Homesick or Heartbroken

DSC_5341A few days from now will mark the end of the second month of our trip to London. As the semester progresses into finals and we have to say goodbye not only to the families and our new friends, but to the city who took us in for two and a half months. There has been a bit of a divide in our class: those who are counting the days down until they can go home and those who are hoping that neither their visas nor their money would ever run out. I can sympathize with the first group, but I’m definitely in the latter.

Whether it’s that their money is running dangerously low, or they miss the comforting familiarity of home, I understand where they’re coming from. For some, this their first time out of the United States and for most it’s the first time being on their own. That’s a scary prospect. And to do it five and a half thousand miles away is admirable. But they’ve all made it (hopefully not jinxing anybody for the last three weeks), and they’ve all had amazing and probably life changing experiences, not just in London but in all the places they’ve gone in Europe as well.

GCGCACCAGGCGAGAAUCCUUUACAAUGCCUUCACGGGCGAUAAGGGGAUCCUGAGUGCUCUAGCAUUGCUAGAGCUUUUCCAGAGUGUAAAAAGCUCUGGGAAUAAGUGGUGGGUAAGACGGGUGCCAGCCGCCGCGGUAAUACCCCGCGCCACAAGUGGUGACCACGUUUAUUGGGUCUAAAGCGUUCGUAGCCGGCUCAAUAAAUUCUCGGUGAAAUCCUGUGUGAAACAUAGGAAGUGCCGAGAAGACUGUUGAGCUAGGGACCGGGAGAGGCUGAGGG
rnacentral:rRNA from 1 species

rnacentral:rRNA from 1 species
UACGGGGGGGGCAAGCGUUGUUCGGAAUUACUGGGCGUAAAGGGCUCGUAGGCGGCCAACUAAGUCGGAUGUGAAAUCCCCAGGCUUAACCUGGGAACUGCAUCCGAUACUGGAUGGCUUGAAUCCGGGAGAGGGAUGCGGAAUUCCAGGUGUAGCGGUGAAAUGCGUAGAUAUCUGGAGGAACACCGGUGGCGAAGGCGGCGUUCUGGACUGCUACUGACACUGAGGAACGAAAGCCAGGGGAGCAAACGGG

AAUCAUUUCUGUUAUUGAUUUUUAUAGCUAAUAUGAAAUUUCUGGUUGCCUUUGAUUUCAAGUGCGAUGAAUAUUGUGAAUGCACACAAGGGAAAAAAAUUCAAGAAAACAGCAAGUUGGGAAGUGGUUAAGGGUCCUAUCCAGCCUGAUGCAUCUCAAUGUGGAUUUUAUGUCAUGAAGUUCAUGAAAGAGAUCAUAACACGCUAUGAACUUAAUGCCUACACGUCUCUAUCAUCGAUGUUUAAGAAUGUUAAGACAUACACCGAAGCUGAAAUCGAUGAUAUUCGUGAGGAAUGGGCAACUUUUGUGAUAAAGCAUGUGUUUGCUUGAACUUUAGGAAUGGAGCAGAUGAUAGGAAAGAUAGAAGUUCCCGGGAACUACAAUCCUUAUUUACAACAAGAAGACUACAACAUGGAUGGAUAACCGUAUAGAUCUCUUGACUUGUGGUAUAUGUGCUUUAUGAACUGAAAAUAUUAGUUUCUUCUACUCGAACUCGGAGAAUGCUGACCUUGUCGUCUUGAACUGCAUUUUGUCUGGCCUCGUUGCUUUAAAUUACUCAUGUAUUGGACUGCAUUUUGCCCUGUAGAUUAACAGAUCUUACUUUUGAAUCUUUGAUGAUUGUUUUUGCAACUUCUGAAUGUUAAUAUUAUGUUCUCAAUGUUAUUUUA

My group has a lot of different reasons for being a bit apprehensive to return home. Some may have unfinished business: a sight not seen, a friend they didn’t connect with, or maybe have found a future home in this hectic, beautiful mess we love called London. Whatever the reason may be, when a member of the first group excited yelps out how many days we have left, we die a little bit inside. Some can take comfort in the fact that this is not the end of their adventure. They have planned out their travel visas and will spend more time in the UK and Europe. While I’m returning to the States, I’ve got another month until I actually get back home. Some just have to be dragged metaphorically kicking and screaming back to a job, summer school, or some other obligation. I feel for these people.

No matter which group we fall in, however, the point is that we’re very close to being able to say we’ve done it. About half of Americans don’t even have a passport, and if they do ever get used, it might only be for short periods of time, thirteen European cities in two weeks or something like that. While almost everyone left the country for Spring Break, we all had time here to experience — though, probably not fully — what it’s like to live in London.


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